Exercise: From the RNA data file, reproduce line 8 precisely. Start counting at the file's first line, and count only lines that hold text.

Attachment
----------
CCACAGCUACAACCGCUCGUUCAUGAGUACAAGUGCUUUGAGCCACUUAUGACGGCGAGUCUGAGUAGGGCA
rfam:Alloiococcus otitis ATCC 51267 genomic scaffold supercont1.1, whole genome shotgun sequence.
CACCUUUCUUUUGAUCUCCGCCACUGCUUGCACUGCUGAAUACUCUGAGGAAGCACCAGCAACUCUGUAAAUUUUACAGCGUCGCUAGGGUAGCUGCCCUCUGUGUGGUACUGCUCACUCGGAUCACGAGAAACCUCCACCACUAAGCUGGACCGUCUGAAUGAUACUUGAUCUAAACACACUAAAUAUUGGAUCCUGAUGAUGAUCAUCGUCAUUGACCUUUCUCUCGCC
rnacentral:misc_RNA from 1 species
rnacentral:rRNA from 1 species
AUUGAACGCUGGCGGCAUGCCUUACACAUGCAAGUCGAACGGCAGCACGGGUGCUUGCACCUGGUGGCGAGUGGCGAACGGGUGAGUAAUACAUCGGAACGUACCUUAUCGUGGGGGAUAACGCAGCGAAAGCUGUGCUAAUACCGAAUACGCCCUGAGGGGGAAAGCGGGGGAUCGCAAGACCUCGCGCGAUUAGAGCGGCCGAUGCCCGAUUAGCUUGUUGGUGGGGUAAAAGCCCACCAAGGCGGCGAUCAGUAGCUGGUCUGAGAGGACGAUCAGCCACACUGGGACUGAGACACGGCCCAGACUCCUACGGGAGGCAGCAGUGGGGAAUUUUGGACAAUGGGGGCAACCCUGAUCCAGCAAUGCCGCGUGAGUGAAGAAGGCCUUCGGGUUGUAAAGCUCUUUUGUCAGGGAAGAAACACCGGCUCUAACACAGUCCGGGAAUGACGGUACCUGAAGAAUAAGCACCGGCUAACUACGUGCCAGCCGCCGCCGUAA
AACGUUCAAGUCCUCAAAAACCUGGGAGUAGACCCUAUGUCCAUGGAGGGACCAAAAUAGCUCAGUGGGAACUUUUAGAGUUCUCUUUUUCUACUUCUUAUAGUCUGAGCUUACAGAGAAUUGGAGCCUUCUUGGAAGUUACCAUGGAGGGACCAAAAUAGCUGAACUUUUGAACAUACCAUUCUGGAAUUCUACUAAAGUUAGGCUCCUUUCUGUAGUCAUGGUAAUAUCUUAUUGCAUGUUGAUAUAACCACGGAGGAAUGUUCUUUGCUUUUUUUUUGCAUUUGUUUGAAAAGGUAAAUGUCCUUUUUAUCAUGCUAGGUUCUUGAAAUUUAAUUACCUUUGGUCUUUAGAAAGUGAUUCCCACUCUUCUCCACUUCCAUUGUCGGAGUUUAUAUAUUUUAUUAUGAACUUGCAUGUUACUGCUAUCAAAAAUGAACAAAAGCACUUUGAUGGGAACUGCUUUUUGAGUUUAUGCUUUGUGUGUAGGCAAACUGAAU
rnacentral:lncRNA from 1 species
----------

rnacentral:lncRNA from 1 species